Membership: "Sizzle," "Smash", "Streak," "Swoop"

Purpose: Unrevealed (speculatively: to protect the innocent while trying to find a way to return to the stars)

Aliases: None

Affiliations: "Skipper"

Enemies: "Dexter," "Sinister", "Snoopy"

Base of Operations: Unrevealed

First Appearance: Comics Feature#33 (January-February 1985)

(Comics Feature#33) - (speculation/extrapolation from concept art) After crashing their spaceship on Earth, a group of stranded aliens posed as a team of athletes while also acting as superheroes. They struggled to keep their secret from a nosy female reporter, and fought a cybernetically-augmented human scientist and his equally sinister cat.

Comments: Created by unspecified members of the Marvel Productions staff, which included Stan Lee, Scott Shaw, Larry Houston, Will Meugniot, Bob Richardson, Dick Robbins and Bryce Malek. Stan was the creative director and chief pitch man, so it's very likely he was part of the development, if not the originator of the concept.

   "In the summer of 1980, Marvel Entertainment Group President James E. Galton and Marvel Comics Publisher Stan Lee,...traveled west from their New York corporate headquarters to establish an animation studio in Los Angeles. In conjunction with the Emmy and Oscar-award winning animator David H. Depatie and his longtime production associate Lee Gunther, Galton and Lee formed Marvel Productions, Ltd.... The primary reason why Lee and Galton wanted to start a production company was that they had been repeatedly disappointed with the ways in which other producers had portrayed the Marvel Comics characters in cartoons, live-action TV and feature films, and they felt they could do a more accurate job of bringing their characters to the large and small screen." - Robert Strauss, Comics Feature#33

   If the idea of Marvel setting up a Marvel studio to make movies around their characters so they could do a more better and (generally) more faithful versions of them sounds familiar, then it should, because that's basically the story of how we've ended up with the MCU. Naturally, Stan Lee had the idea decades earlier, though with far more mixed results, not least because while they developed ideas, they were then still trying to get other studios to buy them and pay to turn the ideas into finished products. They had numerous live-action movies in early stages of development - Captain America, Doctor Strange, Fantastic Four, Roger Corman's Spider-Man and X-Men are mentioned in Strauss' article in Comics Feature - but the only one mentioned that actually made it to the screen during the lifetime of Marvel Productions was...Howard the Duck. They also got ABC sold on a live-action Daredevil series to the point where a pilot script was completed, but it was in animation that they had the most success, both with Marvel characters (1981's Spider-Man, Spider-Man and His Amazing Friends, 1982's Incredible Hulk, and later Pryde of the X-Men) and developing cartoons on behalf of others (Dungeons and Dragons, G.I. Joe, Transformers, etc.). However, more successful doesn't mean completely successful, and there were still a lot of ideas that never made it beyond the development stage. There's not a ton of information available on most of these, but the article in Comics Feature#33 did at least provide concept art for a few, and snippets have emerged over the years from those who were involved in the development stage.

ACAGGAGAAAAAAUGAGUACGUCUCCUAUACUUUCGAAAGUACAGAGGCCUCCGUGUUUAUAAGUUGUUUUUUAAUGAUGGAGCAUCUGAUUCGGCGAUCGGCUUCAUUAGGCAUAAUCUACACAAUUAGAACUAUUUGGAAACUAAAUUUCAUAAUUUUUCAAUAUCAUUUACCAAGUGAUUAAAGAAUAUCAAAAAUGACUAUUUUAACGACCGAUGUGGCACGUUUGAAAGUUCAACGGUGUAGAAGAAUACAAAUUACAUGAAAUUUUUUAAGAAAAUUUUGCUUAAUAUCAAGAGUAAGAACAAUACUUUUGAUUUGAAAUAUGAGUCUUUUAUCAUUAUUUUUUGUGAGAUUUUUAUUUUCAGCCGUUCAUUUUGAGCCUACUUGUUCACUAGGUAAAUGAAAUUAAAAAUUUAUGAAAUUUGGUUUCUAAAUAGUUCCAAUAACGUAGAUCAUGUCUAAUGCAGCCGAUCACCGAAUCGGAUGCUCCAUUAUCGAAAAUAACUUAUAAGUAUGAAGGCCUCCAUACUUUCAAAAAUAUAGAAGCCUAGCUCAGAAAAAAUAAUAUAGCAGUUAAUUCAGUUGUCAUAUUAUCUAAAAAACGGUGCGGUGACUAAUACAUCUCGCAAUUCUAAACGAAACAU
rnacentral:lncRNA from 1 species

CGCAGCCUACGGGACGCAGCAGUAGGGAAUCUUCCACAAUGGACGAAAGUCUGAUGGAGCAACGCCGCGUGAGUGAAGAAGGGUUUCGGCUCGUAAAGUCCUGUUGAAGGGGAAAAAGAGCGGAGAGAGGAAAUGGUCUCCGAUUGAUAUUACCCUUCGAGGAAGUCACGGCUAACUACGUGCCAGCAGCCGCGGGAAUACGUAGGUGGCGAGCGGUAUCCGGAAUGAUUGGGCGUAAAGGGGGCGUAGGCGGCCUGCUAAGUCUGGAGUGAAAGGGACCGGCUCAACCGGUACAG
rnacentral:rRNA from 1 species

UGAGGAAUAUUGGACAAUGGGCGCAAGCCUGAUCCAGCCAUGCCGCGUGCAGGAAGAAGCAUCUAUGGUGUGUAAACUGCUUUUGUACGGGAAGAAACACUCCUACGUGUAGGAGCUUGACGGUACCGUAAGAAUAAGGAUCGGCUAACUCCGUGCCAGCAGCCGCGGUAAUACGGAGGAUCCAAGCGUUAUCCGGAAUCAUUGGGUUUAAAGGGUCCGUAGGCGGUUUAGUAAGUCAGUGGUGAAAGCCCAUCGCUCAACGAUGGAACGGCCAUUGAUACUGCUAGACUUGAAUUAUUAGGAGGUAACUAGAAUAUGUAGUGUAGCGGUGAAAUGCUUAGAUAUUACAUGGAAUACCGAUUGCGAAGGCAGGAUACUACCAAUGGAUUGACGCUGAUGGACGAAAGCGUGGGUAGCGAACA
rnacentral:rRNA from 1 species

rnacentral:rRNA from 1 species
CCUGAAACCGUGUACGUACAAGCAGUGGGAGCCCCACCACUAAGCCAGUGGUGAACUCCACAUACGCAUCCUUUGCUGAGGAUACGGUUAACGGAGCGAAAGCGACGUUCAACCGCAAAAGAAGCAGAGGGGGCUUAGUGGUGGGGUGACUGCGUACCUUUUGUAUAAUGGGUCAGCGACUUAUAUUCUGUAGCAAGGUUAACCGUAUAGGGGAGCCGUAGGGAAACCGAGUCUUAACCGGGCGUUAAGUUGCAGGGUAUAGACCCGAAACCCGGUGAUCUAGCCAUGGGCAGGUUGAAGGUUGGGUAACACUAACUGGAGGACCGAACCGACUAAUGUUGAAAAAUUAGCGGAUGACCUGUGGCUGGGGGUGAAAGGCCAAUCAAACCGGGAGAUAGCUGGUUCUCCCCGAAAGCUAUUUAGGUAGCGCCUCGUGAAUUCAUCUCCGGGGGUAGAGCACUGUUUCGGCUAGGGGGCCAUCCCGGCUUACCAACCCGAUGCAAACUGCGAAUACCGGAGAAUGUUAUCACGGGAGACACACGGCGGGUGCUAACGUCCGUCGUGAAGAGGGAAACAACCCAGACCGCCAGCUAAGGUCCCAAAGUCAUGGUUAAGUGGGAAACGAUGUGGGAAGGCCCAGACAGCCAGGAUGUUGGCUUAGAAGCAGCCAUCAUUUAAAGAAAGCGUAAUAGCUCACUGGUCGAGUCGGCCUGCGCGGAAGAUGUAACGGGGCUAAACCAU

The Aliens are an example of these. Afaik, literally all we know about them comes from the single image used on this page. The history above is a best guesstimate/extrapolation from the four panels that ran under the main team image, and the character names are all totally unofficial placeholders I've used to make it easier to talk about the characters, rather than constantly describing them. If we ever get more detailed information about the characters, in particular their names, the placeholders will be replaced by the actual names.

Profile by Loki.

The Aliens has no known connections to:



One of the Aliens, "Sizzle" could fire bolts of energy, perhaps electrical, from his hands.


--Comics Feature#33



One of the Aliens, "Smash" looked like he was superhumanly strong.


--Comics Feature#33



One of the Aliens, "Streak" seemed to be able to run at superhuman speeds. 


--Comics Feature#33



One of the Aliens, "Swoop" could fly.


--Comics Feature#33



"Skipper" was the coach to the Aliens' human identities. They seemed to frustrate him, and he probably didn't know their true nature.


--Comics Feature#33



"Snoopy" was spying on the Aliens.

Comments: I'm assuming she was probably a reporter, but she might have been a spy, or just someone really nosy.


--Comics Feature#33

"Sinister" and "Dexter"


"Sinister" was an evil scientist with an equally evil cat, "Dexter."

Comments: The above history is purely speculation based on the single image of him. I'm guessing evil based on the disguise and angry expression. Being bald tends to be a visual shorthand in cartoons for being supersmart, plus the computer (?) behind him also suggests scientist. Additionally, while it is possible he was an extraterrestrial too, the fact that he and the cat both have identical types of bumps on their heads makes me think he was a scientist who experimented on increasing intellect via brain implants, testing the process first on his cat and then, when that succeeded, on himself.


--Comics Feature#33

images: (without ads)
Comics Feature#33, p48, pan5-9 (all images)

Comics Feature#33 (January-February 1985) - credits unknown

First Posted: 08/05/2021
Last updated:

Any Additions/Corrections? please let me know.

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